|PUTZ, ELLIS - Iowa State University
|PUTZ, AUSTIN - Iowa State University
|JEON, HYEONGSEON - Iowa State University
Submitted to: Scientific Reports
Publication Type: Peer Reviewed Journal
Publication Acceptance Date: 11/28/2019
Publication Date: 12/23/2019
Citation: Putz, E.J., Putz, A.M., Jeon, H., Lippolis, J.D., Ma, H., Reinhardt, T.A., Casas, E. 2019. MicroRNA profiles of dry secretions through the first three weeks of the dry period from Holstein cows. Scientific Reports. 9(19658). https://doi.org/10.1038/s41598-019-56193-5.
Interpretive Summary: For dairy cattle, there are vast biological and physiological changes as the cow goes through various stages of lactation. The ‘dry period’ where the cow does not produce milk before she calves again and begins another lactation is an important time for repair and cell turnover in the mammary gland. The health of the mammary gland during the dry period can have an immense impact on disease susceptibility and milk production during the subsequent lactation. MicroRNAs (miRNAs) are small RNAs that can regulate gene expression. This paper explores the miRNA profile from dry secretion samples of six Holsteins from their last day of lactation, through the first three weeks of the dry off period. MiRNAs that are upregulated or downregulated are insightful into the biological processes the mammary gland is undergoing. In addition to increasing our general knowledge of mammary gland biology, have the potential to identify candidate proteins or pathways to target with the development of disease preventative therapeutics, or contribute better dairy cow health practices. We used traditional statistical modeling to evaluate changing expression of miRNAs, but we also cross-analyzed our data using a unique slope based approach looking at miRNA counts over time. Over the 398 miRNAs that met our criteria to be analyzed, we found 46 miRNAs that significantly changed during the first three weeks of the dry period (including both miRNAs that were upregulated and downregulated). Of those significantly expressed miRNAs we found meaningful references of these miRNAs associated with important dairy cow parameters such as lactation, disease and inflammation, and pregnancy and reproduction. These results establish that dry secretions are a valuable sample for studying miRNAs in dairy cow and add contribute to our knowledge and biological characterization of the dry period.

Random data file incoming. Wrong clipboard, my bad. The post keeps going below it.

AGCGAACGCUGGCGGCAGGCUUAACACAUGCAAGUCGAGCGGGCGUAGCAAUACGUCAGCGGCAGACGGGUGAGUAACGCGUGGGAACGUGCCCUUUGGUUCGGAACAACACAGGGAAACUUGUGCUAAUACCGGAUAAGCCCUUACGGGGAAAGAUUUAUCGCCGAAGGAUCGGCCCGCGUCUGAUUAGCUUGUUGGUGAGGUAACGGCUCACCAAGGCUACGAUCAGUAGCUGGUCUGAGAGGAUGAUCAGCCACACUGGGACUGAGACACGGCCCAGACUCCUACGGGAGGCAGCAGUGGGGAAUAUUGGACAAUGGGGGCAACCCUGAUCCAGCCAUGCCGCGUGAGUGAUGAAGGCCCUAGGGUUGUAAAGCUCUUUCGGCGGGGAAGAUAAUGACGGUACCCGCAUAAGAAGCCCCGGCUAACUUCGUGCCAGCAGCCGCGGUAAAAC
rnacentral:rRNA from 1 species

Technical Abstract: In dairy cows, the period from the end of lactation through the dry period and into the transition period, requires vast physiological and immunological changes that are key to mammary health. The mammary gland experiences cellular turnover and repair during dry period. The dry period is, in many ways, key to the success of the next lactation and intramammary infections during the dry period will adversely alter mammary function, health and milk production for the subsequent lactation. MicroRNAs (miRNAs) are small non-coding RNAs that have been shown to post transcriptionally regulate the expression of genes. In this study, we sought to characterize the miRNA profile in dry secretions from the last day of lactation to 3, 10, and 21 days post dry-off. We identified 816 miRNAs known miRNAs and 80 novel miRNAs. There were 398 miRNAs were used for expression analysis that had a minimum of 10 counts in at least four cows on at least one experimental day. We found 46 miRNAs whose expression significantly changed (q-value less than 0.05) over the first three weeks of dry-off. In an additional analysis, we examined the slopes of random regression models of log transformed normalized counts and cross analyzed the 46 significantly upregulated and downregulated miRNAs . These miRNAs were found to be associated with important components of pregnancy, lactation, as well as inflammation and disease. Detailing the miRNA profile of dry secretions through the dry-off period provides insight into the biology at work, possible means of regulation, components of resistance and/or susceptibility, and outlets for targeted therapy development.